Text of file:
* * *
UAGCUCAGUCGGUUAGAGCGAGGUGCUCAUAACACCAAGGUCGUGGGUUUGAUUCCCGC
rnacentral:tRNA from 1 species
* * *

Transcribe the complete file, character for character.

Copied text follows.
UAGCUCAGUCGGUUAGAGCGAGGUGCUCAUAACACCAAGGUCGUGGGUUUGAUUCCCGC
rnacentral:tRNA from 1 species